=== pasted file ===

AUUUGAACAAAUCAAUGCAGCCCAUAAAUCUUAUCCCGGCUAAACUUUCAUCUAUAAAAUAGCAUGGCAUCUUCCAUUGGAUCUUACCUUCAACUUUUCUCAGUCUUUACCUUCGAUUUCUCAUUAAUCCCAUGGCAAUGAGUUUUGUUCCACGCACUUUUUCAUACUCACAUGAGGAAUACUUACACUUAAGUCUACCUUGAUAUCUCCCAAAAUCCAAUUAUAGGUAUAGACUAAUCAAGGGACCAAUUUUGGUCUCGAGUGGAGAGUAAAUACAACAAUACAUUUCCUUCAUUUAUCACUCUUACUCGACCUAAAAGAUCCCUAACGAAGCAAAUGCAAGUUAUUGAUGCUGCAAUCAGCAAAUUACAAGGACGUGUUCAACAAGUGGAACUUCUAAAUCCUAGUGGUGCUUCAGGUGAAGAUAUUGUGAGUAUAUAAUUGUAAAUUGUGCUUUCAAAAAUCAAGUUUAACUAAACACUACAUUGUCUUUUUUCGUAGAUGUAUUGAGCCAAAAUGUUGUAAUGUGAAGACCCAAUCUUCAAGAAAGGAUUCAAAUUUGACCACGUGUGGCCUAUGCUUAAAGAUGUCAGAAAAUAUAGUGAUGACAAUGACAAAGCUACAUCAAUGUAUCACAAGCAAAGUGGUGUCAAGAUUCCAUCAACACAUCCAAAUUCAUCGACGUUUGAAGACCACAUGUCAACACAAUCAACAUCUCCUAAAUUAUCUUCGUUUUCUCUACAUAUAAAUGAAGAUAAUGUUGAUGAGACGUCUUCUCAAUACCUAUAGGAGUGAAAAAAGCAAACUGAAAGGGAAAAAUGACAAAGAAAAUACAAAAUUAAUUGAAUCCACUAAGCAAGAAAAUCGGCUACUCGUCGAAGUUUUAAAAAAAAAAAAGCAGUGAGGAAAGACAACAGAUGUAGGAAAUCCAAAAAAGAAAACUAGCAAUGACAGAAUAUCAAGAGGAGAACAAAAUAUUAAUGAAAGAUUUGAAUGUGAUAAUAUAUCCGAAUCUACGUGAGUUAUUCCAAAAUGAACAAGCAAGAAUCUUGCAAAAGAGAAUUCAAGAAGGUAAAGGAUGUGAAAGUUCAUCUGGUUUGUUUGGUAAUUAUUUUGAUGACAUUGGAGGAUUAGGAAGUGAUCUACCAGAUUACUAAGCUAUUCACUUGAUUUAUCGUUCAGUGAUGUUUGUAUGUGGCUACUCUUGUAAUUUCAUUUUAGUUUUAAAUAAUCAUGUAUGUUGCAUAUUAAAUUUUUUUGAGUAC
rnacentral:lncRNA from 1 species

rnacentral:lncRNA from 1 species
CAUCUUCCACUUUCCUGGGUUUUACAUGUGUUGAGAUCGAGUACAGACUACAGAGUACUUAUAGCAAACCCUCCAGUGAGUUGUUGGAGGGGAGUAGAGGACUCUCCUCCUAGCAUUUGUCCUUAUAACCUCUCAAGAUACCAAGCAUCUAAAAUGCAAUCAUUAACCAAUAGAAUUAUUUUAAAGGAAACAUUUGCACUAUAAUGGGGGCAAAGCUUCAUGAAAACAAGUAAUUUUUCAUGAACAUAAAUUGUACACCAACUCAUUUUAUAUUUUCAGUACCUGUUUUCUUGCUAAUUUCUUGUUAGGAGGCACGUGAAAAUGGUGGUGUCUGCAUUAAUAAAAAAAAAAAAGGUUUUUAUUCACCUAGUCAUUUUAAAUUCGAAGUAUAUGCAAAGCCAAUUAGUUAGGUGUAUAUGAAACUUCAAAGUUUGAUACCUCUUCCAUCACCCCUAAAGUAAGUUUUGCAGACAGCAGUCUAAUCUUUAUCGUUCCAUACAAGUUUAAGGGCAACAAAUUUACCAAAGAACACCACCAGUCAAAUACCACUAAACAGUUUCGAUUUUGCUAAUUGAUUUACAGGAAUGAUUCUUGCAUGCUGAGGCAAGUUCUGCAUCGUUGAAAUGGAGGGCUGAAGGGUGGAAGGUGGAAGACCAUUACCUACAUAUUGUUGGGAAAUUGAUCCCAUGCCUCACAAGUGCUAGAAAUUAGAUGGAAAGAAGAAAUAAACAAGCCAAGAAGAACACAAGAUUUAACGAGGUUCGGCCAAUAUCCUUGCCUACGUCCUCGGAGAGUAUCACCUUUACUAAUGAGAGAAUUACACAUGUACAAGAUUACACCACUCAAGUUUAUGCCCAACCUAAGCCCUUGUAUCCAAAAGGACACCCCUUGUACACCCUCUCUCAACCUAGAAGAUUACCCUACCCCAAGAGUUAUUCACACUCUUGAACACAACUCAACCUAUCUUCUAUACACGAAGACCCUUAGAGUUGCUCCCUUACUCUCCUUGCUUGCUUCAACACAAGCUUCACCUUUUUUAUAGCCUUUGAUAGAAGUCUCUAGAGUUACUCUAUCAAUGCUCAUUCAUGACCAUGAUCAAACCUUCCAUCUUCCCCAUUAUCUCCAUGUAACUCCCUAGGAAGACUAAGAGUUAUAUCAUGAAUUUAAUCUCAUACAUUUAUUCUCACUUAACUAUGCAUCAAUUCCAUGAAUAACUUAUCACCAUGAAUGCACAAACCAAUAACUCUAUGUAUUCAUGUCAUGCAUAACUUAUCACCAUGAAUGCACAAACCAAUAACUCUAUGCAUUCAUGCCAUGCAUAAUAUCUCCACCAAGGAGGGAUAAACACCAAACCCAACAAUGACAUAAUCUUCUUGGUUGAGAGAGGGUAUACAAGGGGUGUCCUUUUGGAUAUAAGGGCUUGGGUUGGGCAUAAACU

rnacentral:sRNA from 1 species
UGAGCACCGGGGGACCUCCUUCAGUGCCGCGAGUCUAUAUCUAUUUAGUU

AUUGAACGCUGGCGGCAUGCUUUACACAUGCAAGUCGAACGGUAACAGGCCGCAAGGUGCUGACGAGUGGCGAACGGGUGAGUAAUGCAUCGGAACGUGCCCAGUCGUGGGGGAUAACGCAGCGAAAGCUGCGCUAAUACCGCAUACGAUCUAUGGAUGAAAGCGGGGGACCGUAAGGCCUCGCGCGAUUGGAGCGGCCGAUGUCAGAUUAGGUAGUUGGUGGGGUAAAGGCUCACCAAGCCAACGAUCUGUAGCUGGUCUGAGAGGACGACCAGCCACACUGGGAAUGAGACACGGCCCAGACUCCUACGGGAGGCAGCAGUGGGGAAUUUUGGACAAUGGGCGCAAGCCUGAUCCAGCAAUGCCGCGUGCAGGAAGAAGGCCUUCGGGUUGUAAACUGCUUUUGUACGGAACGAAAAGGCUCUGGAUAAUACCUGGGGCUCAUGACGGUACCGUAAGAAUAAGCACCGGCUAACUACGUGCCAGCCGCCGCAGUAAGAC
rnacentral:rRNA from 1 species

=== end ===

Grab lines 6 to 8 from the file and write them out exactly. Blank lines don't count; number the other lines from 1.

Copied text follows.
UGAGCACCGGGGGACCUCCUUCAGUGCCGCGAGUCUAUAUCUAUUUAGUU

AUUGAACGCUGGCGGCAUGCUUUACACAUGCAAGUCGAACGGUAACAGGCCGCAAGGUGCUGACGAGUGGCGAACGGGUGAGUAAUGCAUCGGAACGUGCCCAGUCGUGGGGGAUAACGCAGCGAAAGCUGCGCUAAUACCGCAUACGAUCUAUGGAUGAAAGCGGGGGACCGUAAGGCCUCGCGCGAUUGGAGCGGCCGAUGUCAGAUUAGGUAGUUGGUGGGGUAAAGGCUCACCAAGCCAACGAUCUGUAGCUGGUCUGAGAGGACGACCAGCCACACUGGGAAUGAGACACGGCCCAGACUCCUACGGGAGGCAGCAGUGGGGAAUUUUGGACAAUGGGCGCAAGCCUGAUCCAGCAAUGCCGCGUGCAGGAAGAAGGCCUUCGGGUUGUAAACUGCUUUUGUACGGAACGAAAAGGCUCUGGAUAAUACCUGGGGCUCAUGACGGUACCGUAAGAAUAAGCACCGGCUAACUACGUGCCAGCCGCCGCAGUAAGAC
rnacentral:rRNA from 1 species